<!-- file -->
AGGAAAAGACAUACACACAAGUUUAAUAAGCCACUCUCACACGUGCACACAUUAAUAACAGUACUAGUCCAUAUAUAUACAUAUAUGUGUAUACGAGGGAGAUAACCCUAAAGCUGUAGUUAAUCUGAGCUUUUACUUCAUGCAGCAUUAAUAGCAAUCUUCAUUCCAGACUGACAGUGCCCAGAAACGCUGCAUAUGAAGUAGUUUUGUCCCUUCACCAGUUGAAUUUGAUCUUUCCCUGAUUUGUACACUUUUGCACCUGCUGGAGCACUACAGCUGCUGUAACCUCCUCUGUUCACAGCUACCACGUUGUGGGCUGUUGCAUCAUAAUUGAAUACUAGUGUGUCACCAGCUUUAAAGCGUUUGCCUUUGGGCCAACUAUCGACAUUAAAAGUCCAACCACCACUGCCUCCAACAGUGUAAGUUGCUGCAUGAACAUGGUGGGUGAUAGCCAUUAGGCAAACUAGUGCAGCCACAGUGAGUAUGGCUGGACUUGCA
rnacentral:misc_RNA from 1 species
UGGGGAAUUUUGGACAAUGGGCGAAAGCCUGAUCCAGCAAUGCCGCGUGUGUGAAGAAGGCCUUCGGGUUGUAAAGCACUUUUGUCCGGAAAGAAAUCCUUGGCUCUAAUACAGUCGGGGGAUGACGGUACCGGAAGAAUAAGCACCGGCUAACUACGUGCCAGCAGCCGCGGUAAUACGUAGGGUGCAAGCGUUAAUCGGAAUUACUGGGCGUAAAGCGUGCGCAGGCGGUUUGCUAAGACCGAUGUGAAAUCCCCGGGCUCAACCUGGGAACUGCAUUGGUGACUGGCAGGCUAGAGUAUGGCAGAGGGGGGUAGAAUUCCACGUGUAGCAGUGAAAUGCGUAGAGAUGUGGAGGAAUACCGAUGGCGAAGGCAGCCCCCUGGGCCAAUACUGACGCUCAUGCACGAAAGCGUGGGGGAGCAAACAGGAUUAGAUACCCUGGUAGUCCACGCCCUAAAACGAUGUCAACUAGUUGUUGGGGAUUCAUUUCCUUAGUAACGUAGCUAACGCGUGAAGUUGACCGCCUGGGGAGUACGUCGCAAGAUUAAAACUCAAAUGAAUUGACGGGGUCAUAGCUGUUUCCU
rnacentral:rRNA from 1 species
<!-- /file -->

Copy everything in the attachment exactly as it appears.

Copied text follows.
AGGAAAAGACAUACACACAAGUUUAAUAAGCCACUCUCACACGUGCACACAUUAAUAACAGUACUAGUCCAUAUAUAUACAUAUAUGUGUAUACGAGGGAGAUAACCCUAAAGCUGUAGUUAAUCUGAGCUUUUACUUCAUGCAGCAUUAAUAGCAAUCUUCAUUCCAGACUGACAGUGCCCAGAAACGCUGCAUAUGAAGUAGUUUUGUCCCUUCACCAGUUGAAUUUGAUCUUUCCCUGAUUUGUACACUUUUGCACCUGCUGGAGCACUACAGCUGCUGUAACCUCCUCUGUUCACAGCUACCACGUUGUGGGCUGUUGCAUCAUAAUUGAAUACUAGUGUGUCACCAGCUUUAAAGCGUUUGCCUUUGGGCCAACUAUCGACAUUAAAAGUCCAACCACCACUGCCUCCAACAGUGUAAGUUGCUGCAUGAACAUGGUGGGUGAUAGCCAUUAGGCAAACUAGUGCAGCCACAGUGAGUAUGGCUGGACUUGCA
rnacentral:misc_RNA from 1 species
UGGGGAAUUUUGGACAAUGGGCGAAAGCCUGAUCCAGCAAUGCCGCGUGUGUGAAGAAGGCCUUCGGGUUGUAAAGCACUUUUGUCCGGAAAGAAAUCCUUGGCUCUAAUACAGUCGGGGGAUGACGGUACCGGAAGAAUAAGCACCGGCUAACUACGUGCCAGCAGCCGCGGUAAUACGUAGGGUGCAAGCGUUAAUCGGAAUUACUGGGCGUAAAGCGUGCGCAGGCGGUUUGCUAAGACCGAUGUGAAAUCCCCGGGCUCAACCUGGGAACUGCAUUGGUGACUGGCAGGCUAGAGUAUGGCAGAGGGGGGUAGAAUUCCACGUGUAGCAGUGAAAUGCGUAGAGAUGUGGAGGAAUACCGAUGGCGAAGGCAGCCCCCUGGGCCAAUACUGACGCUCAUGCACGAAAGCGUGGGGGAGCAAACAGGAUUAGAUACCCUGGUAGUCCACGCCCUAAAACGAUGUCAACUAGUUGUUGGGGAUUCAUUUCCUUAGUAACGUAGCUAACGCGUGAAGUUGACCGCCUGGGGAGUACGUCGCAAGAUUAAAACUCAAAUGAAUUGACGGGGUCAUAGCUGUUUCCU
rnacentral:rRNA from 1 species